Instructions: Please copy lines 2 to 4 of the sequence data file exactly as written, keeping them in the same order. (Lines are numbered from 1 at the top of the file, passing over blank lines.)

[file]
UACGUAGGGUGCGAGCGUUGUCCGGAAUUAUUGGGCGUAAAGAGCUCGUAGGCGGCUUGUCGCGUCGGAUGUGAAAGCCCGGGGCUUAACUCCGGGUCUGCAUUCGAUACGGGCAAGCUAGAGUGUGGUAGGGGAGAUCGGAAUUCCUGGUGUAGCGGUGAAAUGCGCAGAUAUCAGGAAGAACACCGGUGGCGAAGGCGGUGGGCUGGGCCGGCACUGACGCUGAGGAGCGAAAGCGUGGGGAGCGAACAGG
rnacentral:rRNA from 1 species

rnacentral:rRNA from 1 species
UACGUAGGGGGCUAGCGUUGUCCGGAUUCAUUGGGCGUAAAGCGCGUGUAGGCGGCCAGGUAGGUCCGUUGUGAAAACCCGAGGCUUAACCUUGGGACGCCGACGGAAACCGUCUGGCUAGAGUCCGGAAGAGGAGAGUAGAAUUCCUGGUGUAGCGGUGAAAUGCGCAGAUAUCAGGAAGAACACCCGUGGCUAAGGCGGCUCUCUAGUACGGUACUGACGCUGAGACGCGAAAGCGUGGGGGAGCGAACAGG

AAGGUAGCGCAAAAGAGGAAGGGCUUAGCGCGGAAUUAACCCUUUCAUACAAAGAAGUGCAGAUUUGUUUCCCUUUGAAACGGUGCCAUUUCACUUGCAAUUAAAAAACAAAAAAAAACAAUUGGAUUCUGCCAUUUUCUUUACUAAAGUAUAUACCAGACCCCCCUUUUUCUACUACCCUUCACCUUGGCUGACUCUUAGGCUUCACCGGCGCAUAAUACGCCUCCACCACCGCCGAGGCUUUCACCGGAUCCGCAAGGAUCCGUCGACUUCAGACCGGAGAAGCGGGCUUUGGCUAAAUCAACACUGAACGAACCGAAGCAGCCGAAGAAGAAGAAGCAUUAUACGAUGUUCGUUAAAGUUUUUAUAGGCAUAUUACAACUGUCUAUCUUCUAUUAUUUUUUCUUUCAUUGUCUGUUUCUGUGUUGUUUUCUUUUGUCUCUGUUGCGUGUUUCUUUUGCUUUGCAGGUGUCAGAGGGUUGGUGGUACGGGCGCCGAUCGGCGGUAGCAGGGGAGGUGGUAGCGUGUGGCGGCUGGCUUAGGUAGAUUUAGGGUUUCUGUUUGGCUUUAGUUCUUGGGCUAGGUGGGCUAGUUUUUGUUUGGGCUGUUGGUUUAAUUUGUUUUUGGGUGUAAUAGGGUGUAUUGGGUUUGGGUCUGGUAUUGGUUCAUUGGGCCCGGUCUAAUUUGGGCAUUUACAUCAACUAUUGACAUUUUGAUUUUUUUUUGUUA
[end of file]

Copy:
rnacentral:rRNA from 1 species

rnacentral:rRNA from 1 species
UACGUAGGGGGCUAGCGUUGUCCGGAUUCAUUGGGCGUAAAGCGCGUGUAGGCGGCCAGGUAGGUCCGUUGUGAAAACCCGAGGCUUAACCUUGGGACGCCGACGGAAACCGUCUGGCUAGAGUCCGGAAGAGGAGAGUAGAAUUCCUGGUGUAGCGGUGAAAUGCGCAGAUAUCAGGAAGAACACCCGUGGCUAAGGCGGCUCUCUAGUACGGUACUGACGCUGAGACGCGAAAGCGUGGGGGAGCGAACAGG